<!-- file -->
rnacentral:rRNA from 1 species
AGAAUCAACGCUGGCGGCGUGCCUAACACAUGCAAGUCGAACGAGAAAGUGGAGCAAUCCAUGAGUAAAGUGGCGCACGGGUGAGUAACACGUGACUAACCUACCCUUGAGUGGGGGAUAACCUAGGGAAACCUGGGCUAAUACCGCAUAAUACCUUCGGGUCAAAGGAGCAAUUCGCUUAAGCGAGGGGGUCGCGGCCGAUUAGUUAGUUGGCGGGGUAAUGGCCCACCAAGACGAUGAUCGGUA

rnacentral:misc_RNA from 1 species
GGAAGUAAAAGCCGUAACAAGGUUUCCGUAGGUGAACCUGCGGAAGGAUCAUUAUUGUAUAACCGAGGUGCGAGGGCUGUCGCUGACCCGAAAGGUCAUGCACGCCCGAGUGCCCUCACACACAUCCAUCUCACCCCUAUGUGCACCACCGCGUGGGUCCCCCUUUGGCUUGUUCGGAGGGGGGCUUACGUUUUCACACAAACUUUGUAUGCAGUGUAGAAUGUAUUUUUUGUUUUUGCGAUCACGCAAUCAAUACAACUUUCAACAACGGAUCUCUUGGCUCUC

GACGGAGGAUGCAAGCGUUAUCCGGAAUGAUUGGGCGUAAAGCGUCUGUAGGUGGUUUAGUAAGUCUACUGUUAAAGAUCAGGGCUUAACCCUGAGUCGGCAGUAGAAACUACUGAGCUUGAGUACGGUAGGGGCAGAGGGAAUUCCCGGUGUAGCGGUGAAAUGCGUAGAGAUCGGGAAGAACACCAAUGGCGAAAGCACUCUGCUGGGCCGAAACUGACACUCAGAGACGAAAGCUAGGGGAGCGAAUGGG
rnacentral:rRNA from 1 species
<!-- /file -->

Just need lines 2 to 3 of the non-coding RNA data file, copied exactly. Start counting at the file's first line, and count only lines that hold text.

AGAAUCAACGCUGGCGGCGUGCCUAACACAUGCAAGUCGAACGAGAAAGUGGAGCAAUCCAUGAGUAAAGUGGCGCACGGGUGAGUAACACGUGACUAACCUACCCUUGAGUGGGGGAUAACCUAGGGAAACCUGGGCUAAUACCGCAUAAUACCUUCGGGUCAAAGGAGCAAUUCGCUUAAGCGAGGGGGUCGCGGCCGAUUAGUUAGUUGGCGGGGUAAUGGCCCACCAAGACGAUGAUCGGUA

rnacentral:misc_RNA from 1 species